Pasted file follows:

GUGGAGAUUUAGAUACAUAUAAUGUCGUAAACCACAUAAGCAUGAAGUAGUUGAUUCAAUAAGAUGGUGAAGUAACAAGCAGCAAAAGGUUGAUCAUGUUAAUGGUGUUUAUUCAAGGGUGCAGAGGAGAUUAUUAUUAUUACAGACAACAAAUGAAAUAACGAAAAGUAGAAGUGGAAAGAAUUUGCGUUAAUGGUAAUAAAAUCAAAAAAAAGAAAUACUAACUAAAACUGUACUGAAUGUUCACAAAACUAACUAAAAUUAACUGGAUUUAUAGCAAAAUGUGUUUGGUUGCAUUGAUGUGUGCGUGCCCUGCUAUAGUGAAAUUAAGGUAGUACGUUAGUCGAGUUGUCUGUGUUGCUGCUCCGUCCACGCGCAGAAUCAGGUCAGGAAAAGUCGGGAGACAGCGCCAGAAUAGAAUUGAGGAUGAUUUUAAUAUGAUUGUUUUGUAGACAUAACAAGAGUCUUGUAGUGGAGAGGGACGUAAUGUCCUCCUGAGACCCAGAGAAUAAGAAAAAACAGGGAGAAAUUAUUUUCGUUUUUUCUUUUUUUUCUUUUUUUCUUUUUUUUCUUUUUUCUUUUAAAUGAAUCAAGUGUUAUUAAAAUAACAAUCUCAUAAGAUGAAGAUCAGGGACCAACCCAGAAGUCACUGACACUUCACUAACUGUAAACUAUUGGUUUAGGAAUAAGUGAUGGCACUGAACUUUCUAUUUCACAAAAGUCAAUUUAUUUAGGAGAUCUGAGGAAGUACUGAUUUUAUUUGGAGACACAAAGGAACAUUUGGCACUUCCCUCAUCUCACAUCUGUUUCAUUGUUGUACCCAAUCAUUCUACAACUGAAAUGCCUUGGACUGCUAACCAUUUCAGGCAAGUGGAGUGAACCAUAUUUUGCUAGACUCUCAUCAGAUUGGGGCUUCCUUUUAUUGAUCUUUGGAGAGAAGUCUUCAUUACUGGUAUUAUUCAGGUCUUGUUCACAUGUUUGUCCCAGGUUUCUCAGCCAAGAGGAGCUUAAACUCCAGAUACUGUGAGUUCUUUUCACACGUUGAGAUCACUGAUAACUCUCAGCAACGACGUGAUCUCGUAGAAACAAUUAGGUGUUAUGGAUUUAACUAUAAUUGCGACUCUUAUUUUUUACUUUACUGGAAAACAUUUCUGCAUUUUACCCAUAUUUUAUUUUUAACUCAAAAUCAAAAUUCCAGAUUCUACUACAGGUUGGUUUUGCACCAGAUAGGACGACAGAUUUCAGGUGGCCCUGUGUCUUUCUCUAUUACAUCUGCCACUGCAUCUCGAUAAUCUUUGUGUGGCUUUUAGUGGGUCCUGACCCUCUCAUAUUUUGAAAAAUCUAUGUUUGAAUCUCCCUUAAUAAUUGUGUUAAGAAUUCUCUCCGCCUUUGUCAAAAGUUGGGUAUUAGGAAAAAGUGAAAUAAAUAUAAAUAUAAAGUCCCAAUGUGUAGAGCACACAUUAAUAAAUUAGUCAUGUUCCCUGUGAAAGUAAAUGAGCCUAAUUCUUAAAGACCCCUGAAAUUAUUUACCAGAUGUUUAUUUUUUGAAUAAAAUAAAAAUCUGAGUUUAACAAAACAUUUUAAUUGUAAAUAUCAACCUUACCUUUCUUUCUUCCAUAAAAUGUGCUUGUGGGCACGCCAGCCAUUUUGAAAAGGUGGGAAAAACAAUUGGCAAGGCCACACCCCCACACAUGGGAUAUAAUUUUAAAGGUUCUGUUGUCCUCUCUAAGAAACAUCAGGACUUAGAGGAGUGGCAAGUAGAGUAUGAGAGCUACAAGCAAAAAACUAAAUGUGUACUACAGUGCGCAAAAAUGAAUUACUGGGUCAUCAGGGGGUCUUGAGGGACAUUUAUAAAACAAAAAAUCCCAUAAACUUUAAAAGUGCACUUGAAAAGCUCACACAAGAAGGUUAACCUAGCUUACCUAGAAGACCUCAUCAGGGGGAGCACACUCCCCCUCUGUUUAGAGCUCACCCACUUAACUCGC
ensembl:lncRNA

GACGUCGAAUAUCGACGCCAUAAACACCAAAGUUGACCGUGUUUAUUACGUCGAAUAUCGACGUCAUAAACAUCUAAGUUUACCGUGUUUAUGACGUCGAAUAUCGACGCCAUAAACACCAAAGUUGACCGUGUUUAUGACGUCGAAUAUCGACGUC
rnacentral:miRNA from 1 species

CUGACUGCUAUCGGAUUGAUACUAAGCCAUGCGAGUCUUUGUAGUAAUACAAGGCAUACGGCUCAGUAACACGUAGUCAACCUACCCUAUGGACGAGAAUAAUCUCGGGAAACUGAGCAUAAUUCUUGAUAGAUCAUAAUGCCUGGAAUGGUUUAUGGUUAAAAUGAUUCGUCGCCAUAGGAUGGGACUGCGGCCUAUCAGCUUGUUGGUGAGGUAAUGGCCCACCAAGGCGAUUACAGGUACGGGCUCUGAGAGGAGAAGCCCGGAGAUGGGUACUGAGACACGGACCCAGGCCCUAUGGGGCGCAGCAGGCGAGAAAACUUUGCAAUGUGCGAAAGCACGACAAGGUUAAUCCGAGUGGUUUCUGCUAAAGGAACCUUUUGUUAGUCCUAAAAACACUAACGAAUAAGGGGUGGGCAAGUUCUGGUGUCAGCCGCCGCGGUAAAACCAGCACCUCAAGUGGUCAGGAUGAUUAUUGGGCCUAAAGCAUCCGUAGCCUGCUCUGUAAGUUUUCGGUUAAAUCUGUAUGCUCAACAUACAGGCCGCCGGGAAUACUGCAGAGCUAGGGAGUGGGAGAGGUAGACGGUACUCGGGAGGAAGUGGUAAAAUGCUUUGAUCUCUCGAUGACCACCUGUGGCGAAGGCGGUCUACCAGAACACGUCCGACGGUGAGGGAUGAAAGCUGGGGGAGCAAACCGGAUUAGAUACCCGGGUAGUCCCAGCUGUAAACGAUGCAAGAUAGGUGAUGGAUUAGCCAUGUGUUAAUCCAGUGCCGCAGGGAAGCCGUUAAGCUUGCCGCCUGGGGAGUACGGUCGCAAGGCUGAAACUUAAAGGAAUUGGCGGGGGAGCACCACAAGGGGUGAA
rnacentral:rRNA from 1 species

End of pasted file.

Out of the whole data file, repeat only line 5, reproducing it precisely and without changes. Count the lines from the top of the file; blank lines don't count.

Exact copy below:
CUGACUGCUAUCGGAUUGAUACUAAGCCAUGCGAGUCUUUGUAGUAAUACAAGGCAUACGGCUCAGUAACACGUAGUCAACCUACCCUAUGGACGAGAAUAAUCUCGGGAAACUGAGCAUAAUUCUUGAUAGAUCAUAAUGCCUGGAAUGGUUUAUGGUUAAAAUGAUUCGUCGCCAUAGGAUGGGACUGCGGCCUAUCAGCUUGUUGGUGAGGUAAUGGCCCACCAAGGCGAUUACAGGUACGGGCUCUGAGAGGAGAAGCCCGGAGAUGGGUACUGAGACACGGACCCAGGCCCUAUGGGGCGCAGCAGGCGAGAAAACUUUGCAAUGUGCGAAAGCACGACAAGGUUAAUCCGAGUGGUUUCUGCUAAAGGAACCUUUUGUUAGUCCUAAAAACACUAACGAAUAAGGGGUGGGCAAGUUCUGGUGUCAGCCGCCGCGGUAAAACCAGCACCUCAAGUGGUCAGGAUGAUUAUUGGGCCUAAAGCAUCCGUAGCCUGCUCUGUAAGUUUUCGGUUAAAUCUGUAUGCUCAACAUACAGGCCGCCGGGAAUACUGCAGAGCUAGGGAGUGGGAGAGGUAGACGGUACUCGGGAGGAAGUGGUAAAAUGCUUUGAUCUCUCGAUGACCACCUGUGGCGAAGGCGGUCUACCAGAACACGUCCGACGGUGAGGGAUGAAAGCUGGGGGAGCAAACCGGAUUAGAUACCCGGGUAGUCCCAGCUGUAAACGAUGCAAGAUAGGUGAUGGAUUAGCCAUGUGUUAAUCCAGUGCCGCAGGGAAGCCGUUAAGCUUGCCGCCUGGGGAGUACGGUCGCAAGGCUGAAACUUAAAGGAAUUGGCGGGGGAGCACCACAAGGGGUGAA